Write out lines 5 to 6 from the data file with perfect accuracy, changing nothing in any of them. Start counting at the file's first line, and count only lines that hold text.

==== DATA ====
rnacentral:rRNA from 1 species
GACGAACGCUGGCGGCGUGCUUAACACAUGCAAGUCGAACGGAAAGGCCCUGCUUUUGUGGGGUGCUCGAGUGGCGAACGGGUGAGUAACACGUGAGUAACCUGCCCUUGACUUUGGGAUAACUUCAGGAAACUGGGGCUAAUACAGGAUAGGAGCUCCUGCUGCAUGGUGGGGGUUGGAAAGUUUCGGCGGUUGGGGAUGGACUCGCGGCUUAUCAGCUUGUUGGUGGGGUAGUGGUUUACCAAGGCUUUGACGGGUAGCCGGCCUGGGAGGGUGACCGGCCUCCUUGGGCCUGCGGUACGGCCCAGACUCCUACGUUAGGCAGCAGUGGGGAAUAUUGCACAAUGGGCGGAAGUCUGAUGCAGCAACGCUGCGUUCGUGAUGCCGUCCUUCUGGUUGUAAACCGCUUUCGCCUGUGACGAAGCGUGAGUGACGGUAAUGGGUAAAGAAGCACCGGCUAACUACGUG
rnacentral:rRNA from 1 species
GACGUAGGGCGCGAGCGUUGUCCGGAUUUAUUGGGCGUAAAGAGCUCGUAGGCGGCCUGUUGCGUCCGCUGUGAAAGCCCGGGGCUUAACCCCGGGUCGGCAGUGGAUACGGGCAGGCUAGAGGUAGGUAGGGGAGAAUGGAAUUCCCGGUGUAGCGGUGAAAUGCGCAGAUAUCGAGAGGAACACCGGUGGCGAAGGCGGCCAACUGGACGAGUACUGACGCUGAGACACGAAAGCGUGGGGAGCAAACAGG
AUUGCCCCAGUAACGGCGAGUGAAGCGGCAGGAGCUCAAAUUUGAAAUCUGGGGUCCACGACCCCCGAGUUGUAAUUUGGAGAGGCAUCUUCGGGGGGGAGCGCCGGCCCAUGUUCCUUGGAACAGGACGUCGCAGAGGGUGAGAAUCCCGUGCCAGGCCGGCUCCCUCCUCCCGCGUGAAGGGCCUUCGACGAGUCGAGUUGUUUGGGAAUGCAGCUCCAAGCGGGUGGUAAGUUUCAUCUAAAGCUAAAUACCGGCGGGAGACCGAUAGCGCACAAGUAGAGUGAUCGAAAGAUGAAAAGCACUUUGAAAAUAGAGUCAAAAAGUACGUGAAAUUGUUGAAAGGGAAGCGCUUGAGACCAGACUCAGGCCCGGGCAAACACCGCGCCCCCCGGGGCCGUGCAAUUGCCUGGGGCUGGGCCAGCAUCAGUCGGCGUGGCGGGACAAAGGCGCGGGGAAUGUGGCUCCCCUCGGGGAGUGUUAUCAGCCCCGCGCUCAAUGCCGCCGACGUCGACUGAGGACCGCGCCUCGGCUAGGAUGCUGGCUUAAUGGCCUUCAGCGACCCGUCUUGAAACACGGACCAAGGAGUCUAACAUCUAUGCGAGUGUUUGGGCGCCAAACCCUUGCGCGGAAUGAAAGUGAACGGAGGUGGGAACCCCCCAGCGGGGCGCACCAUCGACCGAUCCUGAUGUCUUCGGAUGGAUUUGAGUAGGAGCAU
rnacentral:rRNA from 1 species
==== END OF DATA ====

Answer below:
AUUGCCCCAGUAACGGCGAGUGAAGCGGCAGGAGCUCAAAUUUGAAAUCUGGGGUCCACGACCCCCGAGUUGUAAUUUGGAGAGGCAUCUUCGGGGGGGAGCGCCGGCCCAUGUUCCUUGGAACAGGACGUCGCAGAGGGUGAGAAUCCCGUGCCAGGCCGGCUCCCUCCUCCCGCGUGAAGGGCCUUCGACGAGUCGAGUUGUUUGGGAAUGCAGCUCCAAGCGGGUGGUAAGUUUCAUCUAAAGCUAAAUACCGGCGGGAGACCGAUAGCGCACAAGUAGAGUGAUCGAAAGAUGAAAAGCACUUUGAAAAUAGAGUCAAAAAGUACGUGAAAUUGUUGAAAGGGAAGCGCUUGAGACCAGACUCAGGCCCGGGCAAACACCGCGCCCCCCGGGGCCGUGCAAUUGCCUGGGGCUGGGCCAGCAUCAGUCGGCGUGGCGGGACAAAGGCGCGGGGAAUGUGGCUCCCCUCGGGGAGUGUUAUCAGCCCCGCGCUCAAUGCCGCCGACGUCGACUGAGGACCGCGCCUCGGCUAGGAUGCUGGCUUAAUGGCCUUCAGCGACCCGUCUUGAAACACGGACCAAGGAGUCUAACAUCUAUGCGAGUGUUUGGGCGCCAAACCCUUGCGCGGAAUGAAAGUGAACGGAGGUGGGAACCCCCCAGCGGGGCGCACCAUCGACCGAUCCUGAUGUCUUCGGAUGGAUUUGAGUAGGAGCAU
rnacentral:rRNA from 1 species